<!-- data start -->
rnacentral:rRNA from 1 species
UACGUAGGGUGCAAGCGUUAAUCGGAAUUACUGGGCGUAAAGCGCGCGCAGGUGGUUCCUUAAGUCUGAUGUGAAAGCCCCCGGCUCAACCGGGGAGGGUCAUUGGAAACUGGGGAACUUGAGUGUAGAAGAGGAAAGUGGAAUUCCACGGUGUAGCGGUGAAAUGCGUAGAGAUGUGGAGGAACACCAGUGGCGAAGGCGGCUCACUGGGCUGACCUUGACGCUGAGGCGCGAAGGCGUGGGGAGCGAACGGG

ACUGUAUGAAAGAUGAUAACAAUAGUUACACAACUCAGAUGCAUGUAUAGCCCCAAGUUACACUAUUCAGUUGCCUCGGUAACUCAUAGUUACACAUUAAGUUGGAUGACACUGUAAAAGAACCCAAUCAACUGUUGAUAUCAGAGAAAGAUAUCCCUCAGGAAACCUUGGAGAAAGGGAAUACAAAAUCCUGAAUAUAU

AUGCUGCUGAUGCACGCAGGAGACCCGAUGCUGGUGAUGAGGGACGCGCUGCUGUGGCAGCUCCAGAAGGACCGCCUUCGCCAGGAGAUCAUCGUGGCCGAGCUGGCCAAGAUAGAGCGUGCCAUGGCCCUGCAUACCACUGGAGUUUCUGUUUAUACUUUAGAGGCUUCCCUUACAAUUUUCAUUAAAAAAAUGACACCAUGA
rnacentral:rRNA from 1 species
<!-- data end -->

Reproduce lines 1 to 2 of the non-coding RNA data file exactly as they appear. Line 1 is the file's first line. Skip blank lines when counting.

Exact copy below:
rnacentral:rRNA from 1 species
UACGUAGGGUGCAAGCGUUAAUCGGAAUUACUGGGCGUAAAGCGCGCGCAGGUGGUUCCUUAAGUCUGAUGUGAAAGCCCCCGGCUCAACCGGGGAGGGUCAUUGGAAACUGGGGAACUUGAGUGUAGAAGAGGAAAGUGGAAUUCCACGGUGUAGCGGUGAAAUGCGUAGAGAUGUGGAGGAACACCAGUGGCGAAGGCGGCUCACUGGGCUGACCUUGACGCUGAGGCGCGAAGGCGUGGGGAGCGAACGGG